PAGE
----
Mambonsai (マン盆栽) are an... um... unconventional modern form of bonsai pioneered by Paradise Yamamoto (パラダイス山元), not to be confused with unconventional author Banana Yoshimoto. Yamamoto himself defines Mambonsai as:
枝振りの悪いフツーの盆栽に、フィギュアを絡ませただけのインチ な藝術。

Fishy art that only combines figures with regular bonsais of a bad quality.

"Figures" here refers to miniatures of people, of the kind popular with with model railroad enthusiasts. In other words, Yamamoto crafts amateur bonsai crawling with people, creating tiny dioramas. A few examples (quotes taken from Yamamoto's own descriptions in wonderfully fractured English):

Until the End of the World

A gray VW Beetle parked under a bonsai keyaki tree, couple standing outside, the man peering off into the distance with binoculars.
Lady Underneath the Keyaki Tree
A woman undressing under a tree. Quoth Yamamoto: "Although you think no one is watching, Big Brother is watching you! So who is watching you? Of course, God is watching. He he he he."
Mambocism Co-Op Ranch
Mossy green Zen garden with black and white Holstein cows.
Outdoor Amateur Nude Sketch Scenery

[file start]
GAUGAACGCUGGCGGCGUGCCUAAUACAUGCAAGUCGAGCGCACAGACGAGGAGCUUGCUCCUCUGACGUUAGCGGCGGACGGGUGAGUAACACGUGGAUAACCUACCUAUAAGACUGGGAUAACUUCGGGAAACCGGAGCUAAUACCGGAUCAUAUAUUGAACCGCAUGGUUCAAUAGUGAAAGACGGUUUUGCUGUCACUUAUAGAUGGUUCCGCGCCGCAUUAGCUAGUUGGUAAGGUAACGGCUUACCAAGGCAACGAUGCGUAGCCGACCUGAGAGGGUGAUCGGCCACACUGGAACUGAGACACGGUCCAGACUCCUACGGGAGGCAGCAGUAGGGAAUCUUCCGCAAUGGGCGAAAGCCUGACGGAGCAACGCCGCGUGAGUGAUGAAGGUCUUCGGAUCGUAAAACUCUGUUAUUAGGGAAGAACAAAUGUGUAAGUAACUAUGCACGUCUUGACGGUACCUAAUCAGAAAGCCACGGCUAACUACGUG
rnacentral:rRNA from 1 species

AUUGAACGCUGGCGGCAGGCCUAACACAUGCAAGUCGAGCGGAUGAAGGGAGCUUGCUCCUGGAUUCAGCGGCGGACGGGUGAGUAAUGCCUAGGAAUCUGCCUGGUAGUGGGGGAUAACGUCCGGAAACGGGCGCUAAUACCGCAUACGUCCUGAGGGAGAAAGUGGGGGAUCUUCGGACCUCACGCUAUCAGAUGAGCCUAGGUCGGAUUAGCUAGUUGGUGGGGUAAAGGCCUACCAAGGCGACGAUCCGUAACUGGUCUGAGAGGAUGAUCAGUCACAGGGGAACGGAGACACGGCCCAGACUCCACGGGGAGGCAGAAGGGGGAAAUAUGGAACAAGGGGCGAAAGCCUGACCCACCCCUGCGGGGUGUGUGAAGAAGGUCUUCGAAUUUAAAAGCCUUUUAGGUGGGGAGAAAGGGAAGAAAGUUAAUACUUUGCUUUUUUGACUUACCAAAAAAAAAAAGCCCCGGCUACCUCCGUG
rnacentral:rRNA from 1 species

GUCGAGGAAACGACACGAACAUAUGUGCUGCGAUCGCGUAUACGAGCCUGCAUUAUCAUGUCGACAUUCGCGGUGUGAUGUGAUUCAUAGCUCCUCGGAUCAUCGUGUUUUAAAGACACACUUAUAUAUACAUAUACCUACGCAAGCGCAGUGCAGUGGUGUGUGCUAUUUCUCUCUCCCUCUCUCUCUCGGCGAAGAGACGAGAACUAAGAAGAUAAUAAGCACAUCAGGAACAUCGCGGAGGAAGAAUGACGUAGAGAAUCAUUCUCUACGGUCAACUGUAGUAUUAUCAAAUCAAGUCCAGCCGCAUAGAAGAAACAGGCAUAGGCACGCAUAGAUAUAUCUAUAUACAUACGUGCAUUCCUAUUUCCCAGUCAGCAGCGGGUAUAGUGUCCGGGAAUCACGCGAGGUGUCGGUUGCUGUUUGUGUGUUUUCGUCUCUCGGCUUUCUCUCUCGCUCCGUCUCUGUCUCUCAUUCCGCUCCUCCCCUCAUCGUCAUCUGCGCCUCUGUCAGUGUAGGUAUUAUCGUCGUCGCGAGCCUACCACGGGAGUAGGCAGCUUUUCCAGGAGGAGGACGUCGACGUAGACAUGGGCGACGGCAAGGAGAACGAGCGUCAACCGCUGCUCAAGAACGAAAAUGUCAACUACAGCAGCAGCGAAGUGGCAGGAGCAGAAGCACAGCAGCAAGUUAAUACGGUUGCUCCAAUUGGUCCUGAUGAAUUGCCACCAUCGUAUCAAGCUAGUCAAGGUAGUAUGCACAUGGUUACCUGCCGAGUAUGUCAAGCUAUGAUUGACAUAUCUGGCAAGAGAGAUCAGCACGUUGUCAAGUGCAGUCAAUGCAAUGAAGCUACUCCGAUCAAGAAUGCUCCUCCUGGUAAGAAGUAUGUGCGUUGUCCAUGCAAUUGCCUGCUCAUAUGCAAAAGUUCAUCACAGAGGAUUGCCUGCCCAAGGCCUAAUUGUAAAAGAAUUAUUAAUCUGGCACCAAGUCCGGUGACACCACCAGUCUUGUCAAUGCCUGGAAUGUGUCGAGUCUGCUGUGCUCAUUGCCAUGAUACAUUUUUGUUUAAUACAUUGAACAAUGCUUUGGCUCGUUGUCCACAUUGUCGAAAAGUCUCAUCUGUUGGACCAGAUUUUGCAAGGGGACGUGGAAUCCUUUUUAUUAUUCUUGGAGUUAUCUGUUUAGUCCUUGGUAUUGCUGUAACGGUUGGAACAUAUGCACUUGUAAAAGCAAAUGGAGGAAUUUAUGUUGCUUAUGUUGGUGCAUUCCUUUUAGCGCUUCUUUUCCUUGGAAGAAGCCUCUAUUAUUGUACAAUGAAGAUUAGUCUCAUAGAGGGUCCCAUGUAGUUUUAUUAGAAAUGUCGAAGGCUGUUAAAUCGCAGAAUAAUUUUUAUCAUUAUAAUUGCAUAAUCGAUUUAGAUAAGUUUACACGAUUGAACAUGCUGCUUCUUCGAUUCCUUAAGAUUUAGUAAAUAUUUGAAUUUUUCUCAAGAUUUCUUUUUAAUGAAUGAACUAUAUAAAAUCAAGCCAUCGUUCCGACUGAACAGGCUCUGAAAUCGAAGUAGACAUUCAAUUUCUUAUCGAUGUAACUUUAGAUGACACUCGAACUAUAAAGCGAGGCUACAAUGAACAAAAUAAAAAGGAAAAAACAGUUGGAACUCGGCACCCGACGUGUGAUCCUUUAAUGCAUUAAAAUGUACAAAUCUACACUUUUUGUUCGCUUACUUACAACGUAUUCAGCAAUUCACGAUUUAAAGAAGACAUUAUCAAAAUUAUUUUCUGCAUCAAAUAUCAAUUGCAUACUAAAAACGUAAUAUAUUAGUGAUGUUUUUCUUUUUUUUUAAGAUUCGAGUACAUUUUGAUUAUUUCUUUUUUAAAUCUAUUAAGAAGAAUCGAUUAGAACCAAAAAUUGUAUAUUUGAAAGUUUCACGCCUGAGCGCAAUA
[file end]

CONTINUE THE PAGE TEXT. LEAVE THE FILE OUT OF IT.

Naked women being painted (as in, paintbrushes applied to their bodies) while a TV crew films. "The good thing about Mambonsai is that nobody will tell you anything about putting in long titles such as this."
Yes, Yamamoto is a middle-aged man who likes naked models, even if they are pewter and slightly over an inch tall. A picture would be worth a thousand words, but alas, the existing websites on the subject (see references) seem to be very low on the pictorial content.

Issues of nudity aside (what was the last time you saw a bonsai exhibition featuring oral sex?), Yamamoto's Mambonsai have been a cult hit in Japan, his work has been showcased in Shibuya's department stores and displayed on TV. He has to date published three photographic compilations of mambonsai, and they seem to be selling well; one has recently been rereleased in an affordable softcover version. No surprise, really, because as the highly scientific diagrams at the end of his books clearly demonstrate, Mambonsai are hip, light, sexy, moist and portable while traditional bonsai are snobbish, heavy, unsexy, dry and immobile.

Despite his books being bilingual, with text in both Japanese and English, they don't seem to have garnered much attention overseas; I suspect it is only a matter of time, especially given the last Secret Commandment of Mambonsai:

  • Thou shalt show them especially to your foreign friends, and spread Mambonsai around the world.
And if you're still wondering why they're called Mambonsai, another commandment might help:
  • Thou shalt make them listen to mambo every day.

The Mambonsai / ザ・マン盆栽, Geibunsha/芸文社 1999 (Paradise Yamamoto's home page)

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